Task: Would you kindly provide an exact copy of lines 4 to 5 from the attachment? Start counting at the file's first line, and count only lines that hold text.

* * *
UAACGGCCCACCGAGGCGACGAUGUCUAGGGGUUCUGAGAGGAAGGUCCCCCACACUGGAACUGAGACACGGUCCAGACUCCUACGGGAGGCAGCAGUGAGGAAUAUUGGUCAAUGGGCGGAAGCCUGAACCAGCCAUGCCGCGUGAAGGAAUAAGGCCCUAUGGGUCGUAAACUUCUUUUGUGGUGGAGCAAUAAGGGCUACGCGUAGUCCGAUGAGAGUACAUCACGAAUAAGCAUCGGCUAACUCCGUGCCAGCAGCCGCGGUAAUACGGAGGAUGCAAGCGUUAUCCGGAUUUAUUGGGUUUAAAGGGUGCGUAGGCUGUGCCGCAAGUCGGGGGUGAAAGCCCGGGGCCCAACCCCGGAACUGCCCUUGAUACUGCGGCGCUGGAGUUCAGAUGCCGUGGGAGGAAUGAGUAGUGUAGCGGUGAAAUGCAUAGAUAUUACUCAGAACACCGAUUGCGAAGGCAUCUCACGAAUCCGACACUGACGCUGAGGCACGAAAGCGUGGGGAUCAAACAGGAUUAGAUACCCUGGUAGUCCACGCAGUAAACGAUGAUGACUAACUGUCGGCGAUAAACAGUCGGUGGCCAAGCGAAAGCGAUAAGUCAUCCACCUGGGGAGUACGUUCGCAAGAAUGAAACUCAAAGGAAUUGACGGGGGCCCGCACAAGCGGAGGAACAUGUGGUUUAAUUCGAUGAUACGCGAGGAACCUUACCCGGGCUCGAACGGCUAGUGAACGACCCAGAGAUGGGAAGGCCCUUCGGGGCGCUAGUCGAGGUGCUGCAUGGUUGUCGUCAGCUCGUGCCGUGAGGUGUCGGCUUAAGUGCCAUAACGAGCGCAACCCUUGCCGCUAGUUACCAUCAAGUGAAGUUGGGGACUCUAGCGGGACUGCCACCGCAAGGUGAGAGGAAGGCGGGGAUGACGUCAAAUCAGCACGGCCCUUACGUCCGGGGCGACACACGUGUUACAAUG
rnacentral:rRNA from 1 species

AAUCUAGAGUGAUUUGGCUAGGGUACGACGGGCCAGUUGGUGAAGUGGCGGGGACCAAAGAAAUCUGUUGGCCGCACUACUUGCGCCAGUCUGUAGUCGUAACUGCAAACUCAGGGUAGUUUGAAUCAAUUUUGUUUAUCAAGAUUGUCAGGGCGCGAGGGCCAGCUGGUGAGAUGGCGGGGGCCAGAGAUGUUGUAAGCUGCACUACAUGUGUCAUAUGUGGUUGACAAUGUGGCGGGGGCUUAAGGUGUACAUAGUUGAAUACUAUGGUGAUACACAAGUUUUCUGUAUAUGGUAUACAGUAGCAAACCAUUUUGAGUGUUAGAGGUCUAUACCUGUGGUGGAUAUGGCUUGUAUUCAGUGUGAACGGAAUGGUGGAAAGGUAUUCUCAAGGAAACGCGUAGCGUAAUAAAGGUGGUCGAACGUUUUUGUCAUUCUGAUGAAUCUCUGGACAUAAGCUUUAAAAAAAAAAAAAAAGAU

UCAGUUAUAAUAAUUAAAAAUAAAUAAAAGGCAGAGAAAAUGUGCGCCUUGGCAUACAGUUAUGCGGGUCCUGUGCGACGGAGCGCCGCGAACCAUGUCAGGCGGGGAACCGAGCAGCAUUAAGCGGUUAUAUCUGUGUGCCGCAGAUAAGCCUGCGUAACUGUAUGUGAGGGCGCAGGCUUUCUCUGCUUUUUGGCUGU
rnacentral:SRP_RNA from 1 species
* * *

UCAGUUAUAAUAAUUAAAAAUAAAUAAAAGGCAGAGAAAAUGUGCGCCUUGGCAUACAGUUAUGCGGGUCCUGUGCGACGGAGCGCCGCGAACCAUGUCAGGCGGGGAACCGAGCAGCAUUAAGCGGUUAUAUCUGUGUGCCGCAGAUAAGCCUGCGUAACUGUAUGUGAGGGCGCAGGCUUUCUCUGCUUUUUGGCUGU
rnacentral:SRP_RNA from 1 species